How a team of amateur explorers and an underwater robot laid to rest the 'Ghost of Baker Lake'
Steven Hanulik was the first to lay eyes on the missing airplane in nearly half a century
The Yukon legend of the Ghost of Baker Lake captivated 10-year-old Steven Hanulik from the first moment he heard it.
It goes something like this:
In the spring of 1969, an aircraft disappeared through the ice at Baker Lake, never to be seen again.
The plane was hauling fuel to support mining operations in the area. On what turned out to be its final landing, the starboard main wheel punctured the frozen surface of the lake, and the plane sank into the icy depths.
The crew of the Bristol Freighter CF-UME made it out alive, but the rapid rate of ice melt forced them to abandon their plane.
Baker Lake is about 60 kilometres northeast of Whitehorse, Yukon.
As a boy living in Whitehorse, Hanulik dreamed of being part of a submarine crew that would one day dive down and locate the wreckage. In 1995, a jealous Hanulik eagerly followed the news as a group of explorers launched an expedition to find the Bristol, albeit an unsuccessful one.
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Today, 41-year-old Hanulik lives as a filmmaker in High River, Alta. Last month, he joined three others from Yukon on a mission to find the aircraft with the help of an underwater robot.
They were prepared for days of searching. It took them 45 minutes.
Finding Bristol Freighter CF-UME had also been a goal of the other expedition crew members, sonar operator Doug Davidge and pilots Kyle and Sara Cameron — in some cases for decades.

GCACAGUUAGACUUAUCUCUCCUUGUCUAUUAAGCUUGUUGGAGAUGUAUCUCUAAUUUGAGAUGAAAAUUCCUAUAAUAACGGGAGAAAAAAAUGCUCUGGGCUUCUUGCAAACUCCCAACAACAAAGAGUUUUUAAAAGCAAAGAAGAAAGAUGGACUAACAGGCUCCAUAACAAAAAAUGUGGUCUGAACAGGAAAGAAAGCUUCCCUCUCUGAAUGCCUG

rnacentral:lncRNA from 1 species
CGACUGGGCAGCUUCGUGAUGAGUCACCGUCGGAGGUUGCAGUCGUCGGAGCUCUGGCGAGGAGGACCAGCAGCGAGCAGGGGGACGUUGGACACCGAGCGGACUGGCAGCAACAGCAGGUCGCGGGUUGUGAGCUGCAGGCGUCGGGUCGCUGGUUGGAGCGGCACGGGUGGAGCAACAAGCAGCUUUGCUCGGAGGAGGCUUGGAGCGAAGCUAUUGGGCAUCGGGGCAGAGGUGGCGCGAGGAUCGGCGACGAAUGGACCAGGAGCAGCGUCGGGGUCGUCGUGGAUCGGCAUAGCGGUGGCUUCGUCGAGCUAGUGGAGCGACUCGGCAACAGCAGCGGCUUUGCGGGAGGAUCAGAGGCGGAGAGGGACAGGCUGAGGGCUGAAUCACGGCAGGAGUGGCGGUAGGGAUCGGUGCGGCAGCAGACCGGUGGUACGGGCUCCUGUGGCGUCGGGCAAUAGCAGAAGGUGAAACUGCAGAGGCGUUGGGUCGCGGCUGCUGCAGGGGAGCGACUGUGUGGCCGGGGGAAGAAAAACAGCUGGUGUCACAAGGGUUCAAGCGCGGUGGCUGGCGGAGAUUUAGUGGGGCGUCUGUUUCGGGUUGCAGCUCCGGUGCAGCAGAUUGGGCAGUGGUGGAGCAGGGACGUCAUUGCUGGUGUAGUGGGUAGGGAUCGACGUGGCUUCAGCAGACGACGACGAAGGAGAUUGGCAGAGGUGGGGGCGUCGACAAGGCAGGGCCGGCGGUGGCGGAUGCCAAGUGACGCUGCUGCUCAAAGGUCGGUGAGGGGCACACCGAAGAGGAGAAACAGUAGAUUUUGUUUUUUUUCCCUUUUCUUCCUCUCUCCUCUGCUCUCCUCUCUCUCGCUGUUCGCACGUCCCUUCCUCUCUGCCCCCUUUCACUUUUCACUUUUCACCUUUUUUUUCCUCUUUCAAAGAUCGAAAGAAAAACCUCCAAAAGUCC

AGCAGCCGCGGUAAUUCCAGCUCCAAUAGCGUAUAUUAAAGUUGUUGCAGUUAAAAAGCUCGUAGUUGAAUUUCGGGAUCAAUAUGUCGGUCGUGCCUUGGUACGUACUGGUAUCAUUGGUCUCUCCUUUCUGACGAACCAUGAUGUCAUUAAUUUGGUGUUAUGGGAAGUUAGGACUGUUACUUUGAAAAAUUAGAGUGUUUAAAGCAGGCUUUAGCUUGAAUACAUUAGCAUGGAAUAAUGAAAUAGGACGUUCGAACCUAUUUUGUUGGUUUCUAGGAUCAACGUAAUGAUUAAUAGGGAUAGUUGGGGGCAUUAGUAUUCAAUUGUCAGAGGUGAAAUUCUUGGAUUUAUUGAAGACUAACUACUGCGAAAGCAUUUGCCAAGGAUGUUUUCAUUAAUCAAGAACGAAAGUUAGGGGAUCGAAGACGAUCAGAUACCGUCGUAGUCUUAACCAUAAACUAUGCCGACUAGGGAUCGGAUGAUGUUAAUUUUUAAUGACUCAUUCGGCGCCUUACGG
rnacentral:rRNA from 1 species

In 2017, they made a handshake deal to attempt to find the sunken airplane the following summer.
A local historian supplied them with photographs from 1969 of the Bristol on the ice, as well as comparative panoramic photos of the area from 1995. By lining up the landmarks, the crew determined a fairly accurate location from which to begin their search.
On Aug. 5, their small float plane landed on the lake with a remotely operated underwater vehicle on board, commonly called an ROV.
After making just a few passes over the area, an unusual shape appeared on their sonar screen. A few more passes made it clear: they had found the elusive plane.
"The look on Doug's face was just priceless, as far as seeing that we discovered it," recalled Hanulik.
Hanulik deployed the ROV and piloted it to capture underwater images of the wreckage from as many angles as possible.
The nose section of the plane appeared to be crumpled. The port door was missing. Long creases extended the length of the fuselage.
Hanulik was so consumed by the details of the mission at that point that the magnitude of the discovery didn't register until he was back on land.
"It's something that doesn't really hit you until after you get back on shore and you start looking at the footage — that you are the first set of eyes to have looked at something in 49 years," Hanulik said.
On to 'the next great adventure'
There are no immediate plans to recover the aircraft from the bottom of the lake. For the moment, Hanulik and his team are most interested in speaking with anyone who may have once piloted the aircraft, or who might know anything more about its history or ownership.
"What's our treasure at the end of it?" asked Hanulik in reflection. "This is just a labour of love from everybody concerned."
He and his crew donated their time, equipment and energy in pursuit of the "joy of the unknown," he said.
"More than anything, it shows that there is still some mystery left in the North, and it still shows that there are some things that are left to be discovered out there," he said.
And as long as there are, he says he'll keep searching.
"There's always things on the horizon, as far as rumours that are out there, lost treasure and things like that. So we're always on the lookout for the next great adventure."
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With files from Rebecca Kelly.